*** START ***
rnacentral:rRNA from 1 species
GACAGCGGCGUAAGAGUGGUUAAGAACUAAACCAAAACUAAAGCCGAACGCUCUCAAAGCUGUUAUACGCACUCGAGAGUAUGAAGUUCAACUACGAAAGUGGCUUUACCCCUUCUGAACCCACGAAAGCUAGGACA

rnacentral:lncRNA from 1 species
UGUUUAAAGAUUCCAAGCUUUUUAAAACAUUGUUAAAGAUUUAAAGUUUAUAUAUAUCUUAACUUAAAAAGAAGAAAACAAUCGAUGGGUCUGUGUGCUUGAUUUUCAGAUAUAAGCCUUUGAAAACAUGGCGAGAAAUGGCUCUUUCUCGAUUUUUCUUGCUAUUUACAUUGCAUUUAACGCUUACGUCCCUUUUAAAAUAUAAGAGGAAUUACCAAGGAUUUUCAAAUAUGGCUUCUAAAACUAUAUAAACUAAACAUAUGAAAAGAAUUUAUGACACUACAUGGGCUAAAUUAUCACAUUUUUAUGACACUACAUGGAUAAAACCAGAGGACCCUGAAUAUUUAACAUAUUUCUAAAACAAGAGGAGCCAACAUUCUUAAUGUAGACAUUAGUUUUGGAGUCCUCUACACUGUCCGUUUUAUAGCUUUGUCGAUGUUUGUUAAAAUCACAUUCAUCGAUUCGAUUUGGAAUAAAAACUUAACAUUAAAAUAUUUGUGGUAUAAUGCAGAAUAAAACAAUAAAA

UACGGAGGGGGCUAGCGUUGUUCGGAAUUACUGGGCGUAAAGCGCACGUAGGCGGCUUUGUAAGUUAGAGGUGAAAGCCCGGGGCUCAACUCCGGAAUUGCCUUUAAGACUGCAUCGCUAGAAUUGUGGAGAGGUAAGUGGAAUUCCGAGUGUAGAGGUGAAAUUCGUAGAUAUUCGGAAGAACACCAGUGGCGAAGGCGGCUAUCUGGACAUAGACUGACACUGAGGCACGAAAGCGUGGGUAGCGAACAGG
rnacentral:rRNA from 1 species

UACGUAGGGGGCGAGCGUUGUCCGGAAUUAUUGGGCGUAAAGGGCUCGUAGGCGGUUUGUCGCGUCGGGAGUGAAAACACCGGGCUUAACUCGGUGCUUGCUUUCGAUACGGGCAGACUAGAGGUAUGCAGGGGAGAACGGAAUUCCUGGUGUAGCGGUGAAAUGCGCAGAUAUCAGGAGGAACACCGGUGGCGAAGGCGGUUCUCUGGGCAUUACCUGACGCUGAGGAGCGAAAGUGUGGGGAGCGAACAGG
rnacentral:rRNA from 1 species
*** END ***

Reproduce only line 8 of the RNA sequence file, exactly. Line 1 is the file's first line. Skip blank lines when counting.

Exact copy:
rnacentral:rRNA from 1 species